- • A thorough sexual history is requisite to identifying
sexual risk behaviors and the subsequent risk for sexually transmitted
diseases (STDs) in men who have sex with men (MSM).
- • Epidemiology of STDs and individual risk behavior
guide prevention, screening, and clinical management practices.
MSM are a diverse population defined by their sex and sexual
behavior. They include men who identify as gay, bisexual, or heterosexual
in their sexual orientation.
The epidemiology of STDs in MSM has changed considerably since
the mid-1980s. Declines in the incidence of STDs that occurred in
the late 1980s through mid-1990s have been followed by recent increases
in the incidence of syphilis, gonorrhea, and HIV among MSM in the
United States and Europe. These documented increases in STDs parallel
the reversal in AIDS morbidity and mortality with the advent of
highly active antiretroviral therapy (HAART).
Paradoxically, the success of HAART may have contributed to higher
risk sexual behaviors as a result of reduced fears of HIV transmission
among MSM who are infected with the virus and of HIV acquisition
among MSM who are not infected. Decreases in condom use, increases
in the number of sex partners, and changes in sex practices (from
oral sex to anal intercourse) have been reported in MSM in major
urban areas throughout the United States since the mid-1990s.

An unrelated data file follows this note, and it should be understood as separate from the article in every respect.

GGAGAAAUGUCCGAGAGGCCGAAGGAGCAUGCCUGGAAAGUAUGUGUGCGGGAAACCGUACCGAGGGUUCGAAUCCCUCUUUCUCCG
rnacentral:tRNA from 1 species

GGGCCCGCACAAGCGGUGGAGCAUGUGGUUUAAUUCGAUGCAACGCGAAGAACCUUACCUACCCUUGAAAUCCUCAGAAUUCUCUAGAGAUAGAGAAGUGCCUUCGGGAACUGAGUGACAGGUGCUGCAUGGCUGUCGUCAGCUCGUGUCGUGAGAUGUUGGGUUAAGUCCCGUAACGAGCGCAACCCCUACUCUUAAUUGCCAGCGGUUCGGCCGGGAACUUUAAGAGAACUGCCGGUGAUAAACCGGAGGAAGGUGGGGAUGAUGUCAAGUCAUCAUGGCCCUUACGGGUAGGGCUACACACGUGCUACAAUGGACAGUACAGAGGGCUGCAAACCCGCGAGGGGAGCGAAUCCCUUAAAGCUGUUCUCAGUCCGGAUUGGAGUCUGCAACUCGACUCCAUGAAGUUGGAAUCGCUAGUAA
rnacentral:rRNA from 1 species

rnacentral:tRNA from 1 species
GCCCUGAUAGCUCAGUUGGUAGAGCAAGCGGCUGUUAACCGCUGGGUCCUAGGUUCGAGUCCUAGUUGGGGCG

Changes in community norms resulting from HIV treatment optimism
and the improved physical well-being of HIV-infected persons are
some associated factors that may have contributed to these increases.
Social factors that may have contributed to recent changes in sexual
behaviors include the advent of the Internet as a means of meeting
new sex partners, increased availability and use of methamphetamine
and other drugs, and the use of the mass media for direct-to-consumer
HIV medication advertising, mitigating the severity of HIV and AIDS.
Because some MSM are not gay-identified, it is essential that
clinicians ask open-ended questions in a behavioral risk assessment
and not make assumptions about the sex of a patient’s sex
partners. Building trust and rapport with patients will facilitate
the disclosure of sexual behaviors. Every patient evaluation should
include a risk assessment for STDs that includes a nonjudgmental and
direct ascertainment of sexual behaviors. A thorough sexual history
includes the delineation of anal, digital, oral, and vaginal sexual
contact exposures (see Table 24–1; see also Chapter 31). The
following sexual behaviors are associated with STD transmission
in MSM: anal sex (insertive or receptive), oral sex (insertive or
receptive), vaginal sex (insertive or receptive), oral-anal or anal-oral
sex, and anal-digital or digital-anal sex. Sexually transmissible
pathogens and associated syndromes that are most frequently identified
in MSM are listed in Table 24–2.
Table 24–1. Principles of Sexual History Taking in Men Who Have Sex with Men.a